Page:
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What’s the single largest issue for sustainable transport in Ireland?

COMMENT & ANALYSIS: The single largest issue regarding sustainable transport in Ireland is that there’s rarely any sense of urgency on acting — it’s too widely accepted as the norm.

I don’t have all the answers but the lack of urgency needs to stop — from the largest project like Dart and Metro to things like bollards on cycle lanes or modal filters to stop rat-running or even the refusal to use zebra crossings.

Even the non-controversial sections of the Royal Canal Greenway in Dublin between North Strand Road and Ashtown, which was approved by councillors in 2015, is still not under construction. The project had no notable objections, no court legal challenges and not even any notable objections from councillors. Six years after approval, it’s still hitting one problem after another.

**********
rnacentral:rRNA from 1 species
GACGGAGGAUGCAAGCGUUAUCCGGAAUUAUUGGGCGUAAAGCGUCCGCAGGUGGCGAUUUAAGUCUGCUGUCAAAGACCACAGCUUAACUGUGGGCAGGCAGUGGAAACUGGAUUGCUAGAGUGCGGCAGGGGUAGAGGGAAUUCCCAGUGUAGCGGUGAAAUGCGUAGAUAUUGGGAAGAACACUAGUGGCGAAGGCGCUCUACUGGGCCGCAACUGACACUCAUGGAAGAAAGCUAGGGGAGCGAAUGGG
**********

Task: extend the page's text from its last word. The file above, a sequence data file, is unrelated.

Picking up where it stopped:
There’s a lot of vested interest in stopping quicker progress — some motivated by money (they see a lower priority for cars as a threat to their business), others because they want an easy life, and others because they think they know better than countries that already solved issues we have.

Most of these people claim to support change when they are in no hurry to see it happen or even actively block change or slow it.

The excuse for delay after delay on everything is a killer, people lose the will to keep pushing for change. Campaigners for different modes of sustainable transport keep mentioning how burnout or consultation fatigue is real.

More funding and staffing for sustainable transport promised by the Government will help with delays. So, will planned legal changes.

But what will help with the wider issues? How can the system be changed to make it clear that delay after delay isn’t ok? is reader-funded journalism. That means it's funded by readers like you.

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*** is a reader-funded journalism publication. Effectively it's an online newspaper covering news and analyses of cycling and related issues, including cycle route designs, legal changes, and pollical and cultural issues.

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Cian Ginty

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